It's a crapshoot depending on the CCI settings of your cable provider, but yes, they do. I have the quad tuner from Ceton, and from Verizon FIOS I get locals, expanded basic, and some of the premium channels with my mythtv backend. I recently rebuilt the box; it's currently running on Ubuntu raring, with an AMD A10 and 5x3TB in a ZFS array.
You'll also need a listings provider; I use Schedules Direct, which just works but does charge.
(Under linux, you'll only receive channels with no flags or the Copy Freely flag. In the absence of CCI flags, the Ceton tuner will also respect the old school analog (macrovision?) flags that are ignored by clear qam tuners.)
obquote: "I *AM* the law!"
Also: Power requirements (covered vaguely in TFA), efficiency, and thermal requirements, since this is an electric ion thruster. There are a lot of SEP designs, although I don't recall any others quite this small.
What I also didn't see in the article is whether they have or need some sort of MEMs equivalent of valves... will the ionic fluid boil off in vacuum without the voltage applied? At what rate? Does the ionic fluid degrade with storage, and will it clog the capillaries like an inkjet printer? How big are the pores, and are they sensitive to cosmic radiation like silicon?
Forgot to log in. Ah well.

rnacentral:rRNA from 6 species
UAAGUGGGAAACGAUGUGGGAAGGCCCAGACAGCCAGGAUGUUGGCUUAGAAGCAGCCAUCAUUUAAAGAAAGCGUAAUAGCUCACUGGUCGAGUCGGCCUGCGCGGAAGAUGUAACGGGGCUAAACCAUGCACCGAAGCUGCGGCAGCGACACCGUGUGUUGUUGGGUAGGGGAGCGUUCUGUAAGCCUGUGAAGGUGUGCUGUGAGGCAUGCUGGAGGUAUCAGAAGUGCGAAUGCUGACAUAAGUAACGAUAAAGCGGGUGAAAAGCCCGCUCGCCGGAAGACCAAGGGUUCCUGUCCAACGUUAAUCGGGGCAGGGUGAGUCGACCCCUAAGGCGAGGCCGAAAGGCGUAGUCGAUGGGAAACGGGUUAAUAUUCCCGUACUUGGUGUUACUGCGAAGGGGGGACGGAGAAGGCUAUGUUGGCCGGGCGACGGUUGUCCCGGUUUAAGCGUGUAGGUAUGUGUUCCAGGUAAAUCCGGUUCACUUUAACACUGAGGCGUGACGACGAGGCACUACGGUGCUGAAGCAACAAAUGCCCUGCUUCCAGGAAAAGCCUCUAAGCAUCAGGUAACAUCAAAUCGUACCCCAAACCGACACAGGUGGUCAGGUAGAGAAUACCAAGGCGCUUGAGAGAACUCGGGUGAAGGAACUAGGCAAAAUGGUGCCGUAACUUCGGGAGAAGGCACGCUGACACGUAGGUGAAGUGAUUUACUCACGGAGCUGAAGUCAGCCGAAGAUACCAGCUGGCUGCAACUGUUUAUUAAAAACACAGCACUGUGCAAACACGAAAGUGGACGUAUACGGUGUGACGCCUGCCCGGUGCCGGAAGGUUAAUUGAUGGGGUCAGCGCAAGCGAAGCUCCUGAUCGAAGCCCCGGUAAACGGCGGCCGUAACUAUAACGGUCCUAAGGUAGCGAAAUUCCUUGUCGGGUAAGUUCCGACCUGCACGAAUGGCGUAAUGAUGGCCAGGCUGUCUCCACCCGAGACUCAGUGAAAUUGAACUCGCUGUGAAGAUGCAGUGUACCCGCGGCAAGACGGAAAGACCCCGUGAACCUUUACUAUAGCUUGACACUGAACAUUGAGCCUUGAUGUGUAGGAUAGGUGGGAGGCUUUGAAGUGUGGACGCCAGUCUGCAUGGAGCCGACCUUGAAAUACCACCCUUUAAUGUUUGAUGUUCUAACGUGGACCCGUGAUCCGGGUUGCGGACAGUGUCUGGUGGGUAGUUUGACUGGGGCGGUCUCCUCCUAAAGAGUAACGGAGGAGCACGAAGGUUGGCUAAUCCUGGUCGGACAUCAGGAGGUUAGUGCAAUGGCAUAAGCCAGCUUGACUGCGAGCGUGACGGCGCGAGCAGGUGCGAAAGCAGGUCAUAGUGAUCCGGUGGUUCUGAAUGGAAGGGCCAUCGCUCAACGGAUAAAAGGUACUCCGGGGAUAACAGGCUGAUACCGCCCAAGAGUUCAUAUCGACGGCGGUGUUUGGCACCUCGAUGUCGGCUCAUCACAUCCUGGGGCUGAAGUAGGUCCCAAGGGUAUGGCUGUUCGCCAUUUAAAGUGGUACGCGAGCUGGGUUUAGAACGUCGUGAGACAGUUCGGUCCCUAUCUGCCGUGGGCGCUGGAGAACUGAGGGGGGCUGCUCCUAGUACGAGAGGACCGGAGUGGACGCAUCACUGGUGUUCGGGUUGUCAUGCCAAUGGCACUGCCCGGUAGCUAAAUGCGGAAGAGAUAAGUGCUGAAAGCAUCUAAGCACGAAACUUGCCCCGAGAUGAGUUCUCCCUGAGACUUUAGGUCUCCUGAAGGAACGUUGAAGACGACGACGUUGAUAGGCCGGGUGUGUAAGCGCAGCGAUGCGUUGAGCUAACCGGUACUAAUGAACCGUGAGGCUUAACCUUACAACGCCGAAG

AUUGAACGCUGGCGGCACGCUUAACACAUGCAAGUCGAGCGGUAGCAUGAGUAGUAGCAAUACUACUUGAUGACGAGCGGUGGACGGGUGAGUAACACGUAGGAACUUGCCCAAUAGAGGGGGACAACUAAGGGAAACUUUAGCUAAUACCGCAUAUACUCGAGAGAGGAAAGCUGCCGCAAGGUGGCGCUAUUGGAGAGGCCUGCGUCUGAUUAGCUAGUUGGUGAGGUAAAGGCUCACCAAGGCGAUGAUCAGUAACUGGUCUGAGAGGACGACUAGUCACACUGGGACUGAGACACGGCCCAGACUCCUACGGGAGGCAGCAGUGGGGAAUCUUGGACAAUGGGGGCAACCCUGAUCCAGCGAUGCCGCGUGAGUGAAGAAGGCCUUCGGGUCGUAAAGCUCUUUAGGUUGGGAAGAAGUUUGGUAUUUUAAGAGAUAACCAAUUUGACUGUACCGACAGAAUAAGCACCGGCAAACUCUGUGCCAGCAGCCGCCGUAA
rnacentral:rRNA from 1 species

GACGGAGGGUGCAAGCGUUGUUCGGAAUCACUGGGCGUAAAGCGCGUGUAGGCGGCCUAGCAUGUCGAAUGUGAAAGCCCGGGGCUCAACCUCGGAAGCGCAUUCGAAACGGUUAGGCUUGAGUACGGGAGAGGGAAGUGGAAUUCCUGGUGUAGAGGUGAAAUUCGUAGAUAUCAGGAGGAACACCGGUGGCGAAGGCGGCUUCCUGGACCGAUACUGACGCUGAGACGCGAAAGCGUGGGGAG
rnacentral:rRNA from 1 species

Before gas stations, you bought gasoline at the hardware store in tins. Later on they added self-measuring pumps, and eventually they evolved into separate establishments. Also remember that roads were largely local during the early part of the automobile era, and it took a long time to develop a decent road network..
Atmel did something similar a few years back with their FPSLIC, but the tools and parts were very expensive and it's more or less dead. It looks like the Zynq has a similar problem... the lowest end part is $15+ for high volume sales.
At least for the laptops. There's a lot more spectrum there, and it's much less saturated. Probably not an option for the phones, though. Also, wired ethernet when possible.
Yes, in Life+70 countries that can easily happen. In the US, anything published before 1923 is in the public domain. Anything from 1923 onward requires a lot of research, which sometimes leads to mistakes (as in the Rule 6 clearance referenced above, "The Escape", aka "Brainwave"). Actually, it's not so much a mistake as an oddity in the law. The first publication, as a serial, was not renewed. Only the later republication as "Brainwave" was renewed.